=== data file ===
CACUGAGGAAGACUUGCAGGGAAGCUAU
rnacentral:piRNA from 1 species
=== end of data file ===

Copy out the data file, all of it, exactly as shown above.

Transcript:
CACUGAGGAAGACUUGCAGGGAAGCUAU
rnacentral:piRNA from 1 species